It is absolutely shameful that we put in so much effort and now have to suffer due to NTA’s mismanagement.
—Manas Sharma

“My father always wanted to become a doctor, but despite his efforts, he ended up working for the railways. I want to fulfil his unfulfilled dream,” Sharma told Mint that day.

Private college is not an option for him—his family can’t afford the stiff tuition fees such colleges charge. Now, he plans to attempt NEET again next year.

Another student organization protesting is the Students Islamic Organisation of India (SIO). The body has filed a petition in the Supreme Court alleging fraud. It wants the NTA to recall the results and conduct a fresh examination.

Roshan Mohiddin, national secretary of SIO, said his association conducted a survey of about 600 students in various states. About 50 students who scored more than 600 marks were also called. According to the survey, 51% of students found errors in their NEET exam scores. The impact on mental health due to NEET result issues was significant, affecting 73.2% profoundly, Mohiddin said. Additionally, 64.8% of the students faced issues at the exam centre, such as delayed starts. About 76% of the surveyed supported a re-examination and investigation.

“Based on this survey, we decided to file the petition,” Mohiddin said.

Anguished Dad

Like Manas Sharma, there are millions in India who wouldn’t be able to afford private education.

In Mumbai, a person who didn’t want to be identified, has written to the NTA protesting against his daughter’s marks, which was almost 70% less than what she had tallied from the scanned OMR sheet.

His elder daughter is a doctor and studied in Maharashtra in a government college. His second daughter attempted NEET for the second time this year. “We have written to the NTA. We could have accepted her last year’s score of 485 and attempted a seat in a private college but she wanted to study in a government one. Now, we do not leave her alone (the daughter is in a state of shock),” said the Mumbai-based person who works in the tea sector.

The family can’t afford private colleges and while education loans are an option, the father isn’t very sure. Unlike an MBA graduate, a doctor may not earn enough in the initial years to be able to pay back the borrowed amount. Depending on the city and the state, the starting salary for a doctor in a hospital can range between 50,000 and 1 lakh a month.

Pant’s Survey

Meanwhile, several coaching institutes are now counselling their students.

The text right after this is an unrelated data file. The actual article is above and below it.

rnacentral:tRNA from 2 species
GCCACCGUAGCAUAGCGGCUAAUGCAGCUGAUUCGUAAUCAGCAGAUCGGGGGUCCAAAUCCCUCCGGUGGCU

Sri Gosalites Medical Academy in Vijayawada claims to have coached more than 5,000 doctors. Co-founder Saurabh Pant, who also teaches chemistry, is advising students “not to take any drastic steps”. At the same time, he is looking at the data of 4,300 students his company coached. “For half an hour after the results came in, we were quiet. It felt similar to mourning a death,” he said. “I expected 2,000 students to get government seats. Now, about 1,200 will qualify,” Pant added.

Students take part in a protest rally against the alleged irregularities in the NEET-UG 2024 entrance exam results, in Kolkata.

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Students take part in a protest rally against the alleged irregularities in the NEET-UG 2024 entrance exam results, in Kolkata. (PTI)

His analysis found that a score of 640 could get an All India Rank (AIR) of 38,872 this year. The same score would have secured a student an AIR rank of 10,305 in 2023. Pant is therefore telling his students not to celebrate even when they have secured high marks.

“There were parents ready to sell their land to ensure that their child becomes a doctor. The parents are just as angst ridden as the students,” he said.

Video from Kota

Students, meanwhile, have reached out to social media influencers, asking for their support.

“Several students have sent me messages on my social media handles and emailed me their grievances. Many had prepared for more than two years, relocated to places like Kota to study,” said Mitali Sharma, a content creator who is in her final year MBBS (bachelor of medicine and bachelor of surgery) at Maulana Azad Medical College in Delhi. Sharma had scored 700 in her NEET exam in 2020 and has put out a video highlighting student angst. “One studies for 12 hours a day, sometimes for a couple of years. Now, those who scored well on their own merit may not want any retest. What if they do not succeed again?” she asked.

For the last couple of weeks, students contacted us to shoot their stories of disappointment.
—Akhilesh Dixit

A bunch of Kota-based content creators have been highlighting the mentioned discrepancies as well. More than 100,000 aspirants arrive at Kota every year to prepare for the medical entrance.

“There are seven of us who make video stories of students in Kota. For the last couple of weeks, students contacted us to shoot their stories of disappointment,” said Akhilesh Dixit, who runs a YouTube channel called ‘Kota Students Help Club’.

Hunt for the Guilty

Education minister Dharmendra Pradhan.

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Education minister Dharmendra Pradhan. (Jitender Gupta)

So, what should we expect, going ahead?

A Supreme Court bench, comprising justices Vikram Nath and Sandeep Mehta, has consolidated various petitions filed in the NEET case. They will hear them on 8 July.

On 13 June, the government informed the Supreme Court of its decision to scrap grace marks given to 1,536 students who took the medical entrance test. These students will be notified of their actual scores, excluding the grace marks, and will have the option to take a re-test on 23 June. The apex court, on 14 June, also sent out notices to the Centre and the NTA on pleas requesting a probe by the Central Bureau of Investigation (CBI) into the allegations of paper leak. Meanwhile, the NTA has held press conferences and met students to explain why it did what it did. The test results were advanced because the marks were ready, the agency clarified. “NTA has been working towards improving the result declaration time from year to year,” it stated in a statement. Perfect scores in many cases were attributed to revision of one physics answer key. CCTV footage and reports of functionaries at test centres were used to determine loss of time that led to grace marks.

The agency and the education ministry did not respond to clarifications sought by Mint. Nonetheless, last week, union education minister Dharmendra Pradhan told reporters that the government is committed to ensure 100% transparency in the exam; that the NTA needs improvement; that the guilty wouldn’t be spared.

The 2.4 million who wrote the exam would impatiently wait to know who the guilty is.